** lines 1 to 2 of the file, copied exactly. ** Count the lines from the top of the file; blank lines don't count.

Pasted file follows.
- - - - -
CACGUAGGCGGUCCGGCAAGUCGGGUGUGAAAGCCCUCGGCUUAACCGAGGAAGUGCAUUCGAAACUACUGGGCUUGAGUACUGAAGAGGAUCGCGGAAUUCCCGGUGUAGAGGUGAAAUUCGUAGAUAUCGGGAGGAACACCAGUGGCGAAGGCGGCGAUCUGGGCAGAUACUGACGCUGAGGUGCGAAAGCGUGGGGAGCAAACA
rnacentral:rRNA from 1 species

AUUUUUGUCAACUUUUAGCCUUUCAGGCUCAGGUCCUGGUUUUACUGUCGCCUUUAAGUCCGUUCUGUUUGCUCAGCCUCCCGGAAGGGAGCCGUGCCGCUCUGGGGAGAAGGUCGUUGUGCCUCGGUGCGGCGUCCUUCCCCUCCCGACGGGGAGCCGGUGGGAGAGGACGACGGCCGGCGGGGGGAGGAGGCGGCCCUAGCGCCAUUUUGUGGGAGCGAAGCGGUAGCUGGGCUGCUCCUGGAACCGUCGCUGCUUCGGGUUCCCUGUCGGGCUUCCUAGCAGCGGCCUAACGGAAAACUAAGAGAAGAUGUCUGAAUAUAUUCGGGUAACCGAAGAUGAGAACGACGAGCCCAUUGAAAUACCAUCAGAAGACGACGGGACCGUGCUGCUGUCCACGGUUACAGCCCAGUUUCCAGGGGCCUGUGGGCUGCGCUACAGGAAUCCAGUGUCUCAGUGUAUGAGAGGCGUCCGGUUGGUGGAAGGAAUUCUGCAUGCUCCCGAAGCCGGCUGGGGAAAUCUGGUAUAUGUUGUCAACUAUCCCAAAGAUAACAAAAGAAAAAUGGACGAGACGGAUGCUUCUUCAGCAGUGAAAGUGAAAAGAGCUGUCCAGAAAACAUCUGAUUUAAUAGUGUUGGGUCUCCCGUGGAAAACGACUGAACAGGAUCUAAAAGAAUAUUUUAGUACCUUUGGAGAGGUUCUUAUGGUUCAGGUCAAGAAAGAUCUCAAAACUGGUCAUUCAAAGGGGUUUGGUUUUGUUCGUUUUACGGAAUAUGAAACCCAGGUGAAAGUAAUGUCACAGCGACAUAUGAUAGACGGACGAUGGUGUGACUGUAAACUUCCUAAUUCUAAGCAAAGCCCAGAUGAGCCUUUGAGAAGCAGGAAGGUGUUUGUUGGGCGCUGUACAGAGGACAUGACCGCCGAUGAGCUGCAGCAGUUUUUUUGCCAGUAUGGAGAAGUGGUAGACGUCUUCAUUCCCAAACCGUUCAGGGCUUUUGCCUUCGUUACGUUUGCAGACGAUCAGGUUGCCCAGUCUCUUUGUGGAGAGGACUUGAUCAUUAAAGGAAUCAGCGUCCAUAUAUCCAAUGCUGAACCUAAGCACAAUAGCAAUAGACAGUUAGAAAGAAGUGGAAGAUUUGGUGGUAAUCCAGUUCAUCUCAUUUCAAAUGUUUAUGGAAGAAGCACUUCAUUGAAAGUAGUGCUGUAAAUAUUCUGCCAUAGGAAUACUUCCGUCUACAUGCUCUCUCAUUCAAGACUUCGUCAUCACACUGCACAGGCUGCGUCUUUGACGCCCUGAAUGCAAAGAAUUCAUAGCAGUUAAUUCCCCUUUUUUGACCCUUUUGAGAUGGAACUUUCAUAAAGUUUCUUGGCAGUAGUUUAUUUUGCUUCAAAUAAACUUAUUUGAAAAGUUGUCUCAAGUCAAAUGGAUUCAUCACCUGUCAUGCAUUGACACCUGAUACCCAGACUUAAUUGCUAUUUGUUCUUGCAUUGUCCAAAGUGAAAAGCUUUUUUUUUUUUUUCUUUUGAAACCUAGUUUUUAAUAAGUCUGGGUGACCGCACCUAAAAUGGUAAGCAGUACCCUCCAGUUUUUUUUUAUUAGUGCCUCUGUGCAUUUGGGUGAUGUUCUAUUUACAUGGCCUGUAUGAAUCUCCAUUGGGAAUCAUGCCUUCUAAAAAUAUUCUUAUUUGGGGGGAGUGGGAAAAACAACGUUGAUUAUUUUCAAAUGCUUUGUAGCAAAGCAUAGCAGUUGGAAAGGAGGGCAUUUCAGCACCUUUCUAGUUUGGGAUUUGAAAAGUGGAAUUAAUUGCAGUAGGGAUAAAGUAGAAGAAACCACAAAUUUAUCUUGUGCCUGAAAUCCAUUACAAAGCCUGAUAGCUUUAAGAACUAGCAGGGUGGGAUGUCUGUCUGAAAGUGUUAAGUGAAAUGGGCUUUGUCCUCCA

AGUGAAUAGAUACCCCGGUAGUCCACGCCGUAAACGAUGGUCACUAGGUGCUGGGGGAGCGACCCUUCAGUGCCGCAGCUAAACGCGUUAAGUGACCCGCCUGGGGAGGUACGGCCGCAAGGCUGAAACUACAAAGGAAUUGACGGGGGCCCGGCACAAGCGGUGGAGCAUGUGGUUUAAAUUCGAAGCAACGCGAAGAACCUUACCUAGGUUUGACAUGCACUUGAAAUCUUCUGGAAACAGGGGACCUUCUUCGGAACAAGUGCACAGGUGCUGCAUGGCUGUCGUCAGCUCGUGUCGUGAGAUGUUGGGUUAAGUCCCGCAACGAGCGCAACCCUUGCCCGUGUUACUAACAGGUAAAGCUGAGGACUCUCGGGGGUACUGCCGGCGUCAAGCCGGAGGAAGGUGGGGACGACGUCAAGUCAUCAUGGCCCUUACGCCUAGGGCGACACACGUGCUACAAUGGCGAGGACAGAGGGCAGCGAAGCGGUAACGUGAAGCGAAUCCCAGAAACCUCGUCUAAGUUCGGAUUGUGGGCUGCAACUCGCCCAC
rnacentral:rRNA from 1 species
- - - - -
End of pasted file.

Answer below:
CACGUAGGCGGUCCGGCAAGUCGGGUGUGAAAGCCCUCGGCUUAACCGAGGAAGUGCAUUCGAAACUACUGGGCUUGAGUACUGAAGAGGAUCGCGGAAUUCCCGGUGUAGAGGUGAAAUUCGUAGAUAUCGGGAGGAACACCAGUGGCGAAGGCGGCGAUCUGGGCAGAUACUGACGCUGAGGUGCGAAAGCGUGGGGAGCAAACA
rnacentral:rRNA from 1 species